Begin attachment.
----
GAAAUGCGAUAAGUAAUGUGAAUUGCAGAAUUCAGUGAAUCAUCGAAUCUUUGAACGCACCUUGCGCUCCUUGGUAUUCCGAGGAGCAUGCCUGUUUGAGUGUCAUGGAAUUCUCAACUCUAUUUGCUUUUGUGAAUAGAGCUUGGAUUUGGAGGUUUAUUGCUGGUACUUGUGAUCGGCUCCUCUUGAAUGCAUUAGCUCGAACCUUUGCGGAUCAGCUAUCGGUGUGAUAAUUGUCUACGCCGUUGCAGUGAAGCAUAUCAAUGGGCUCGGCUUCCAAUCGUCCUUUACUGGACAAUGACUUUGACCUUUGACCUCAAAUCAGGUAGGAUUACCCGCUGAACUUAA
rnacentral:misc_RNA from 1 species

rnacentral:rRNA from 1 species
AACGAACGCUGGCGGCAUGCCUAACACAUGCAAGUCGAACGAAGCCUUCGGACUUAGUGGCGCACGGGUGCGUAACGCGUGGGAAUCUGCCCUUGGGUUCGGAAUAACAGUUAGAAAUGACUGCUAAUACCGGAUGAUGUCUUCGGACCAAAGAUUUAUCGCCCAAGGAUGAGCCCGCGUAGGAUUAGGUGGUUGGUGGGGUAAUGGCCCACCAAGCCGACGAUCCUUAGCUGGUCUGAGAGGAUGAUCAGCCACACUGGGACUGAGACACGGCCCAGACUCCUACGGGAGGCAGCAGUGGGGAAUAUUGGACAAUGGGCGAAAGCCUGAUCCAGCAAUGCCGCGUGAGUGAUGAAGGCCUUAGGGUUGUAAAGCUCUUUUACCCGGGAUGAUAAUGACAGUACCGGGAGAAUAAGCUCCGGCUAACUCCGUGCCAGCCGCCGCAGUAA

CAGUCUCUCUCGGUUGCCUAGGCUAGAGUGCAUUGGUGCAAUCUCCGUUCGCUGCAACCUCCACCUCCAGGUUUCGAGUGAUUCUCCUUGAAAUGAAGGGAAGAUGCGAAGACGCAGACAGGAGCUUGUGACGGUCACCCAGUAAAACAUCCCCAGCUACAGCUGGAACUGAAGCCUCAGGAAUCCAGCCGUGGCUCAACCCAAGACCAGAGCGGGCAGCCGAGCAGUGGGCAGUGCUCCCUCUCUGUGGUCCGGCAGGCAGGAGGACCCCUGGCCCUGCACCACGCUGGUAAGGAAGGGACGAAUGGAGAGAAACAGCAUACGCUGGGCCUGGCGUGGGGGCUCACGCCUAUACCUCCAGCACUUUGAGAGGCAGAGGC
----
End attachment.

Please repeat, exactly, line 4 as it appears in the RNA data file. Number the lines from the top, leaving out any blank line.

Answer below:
AACGAACGCUGGCGGCAUGCCUAACACAUGCAAGUCGAACGAAGCCUUCGGACUUAGUGGCGCACGGGUGCGUAACGCGUGGGAAUCUGCCCUUGGGUUCGGAAUAACAGUUAGAAAUGACUGCUAAUACCGGAUGAUGUCUUCGGACCAAAGAUUUAUCGCCCAAGGAUGAGCCCGCGUAGGAUUAGGUGGUUGGUGGGGUAAUGGCCCACCAAGCCGACGAUCCUUAGCUGGUCUGAGAGGAUGAUCAGCCACACUGGGACUGAGACACGGCCCAGACUCCUACGGGAGGCAGCAGUGGGGAAUAUUGGACAAUGGGCGAAAGCCUGAUCCAGCAAUGCCGCGUGAGUGAUGAAGGCCUUAGGGUUGUAAAGCUCUUUUACCCGGGAUGAUAAUGACAGUACCGGGAGAAUAAGCUCCGGCUAACUCCGUGCCAGCCGCCGCAGUAA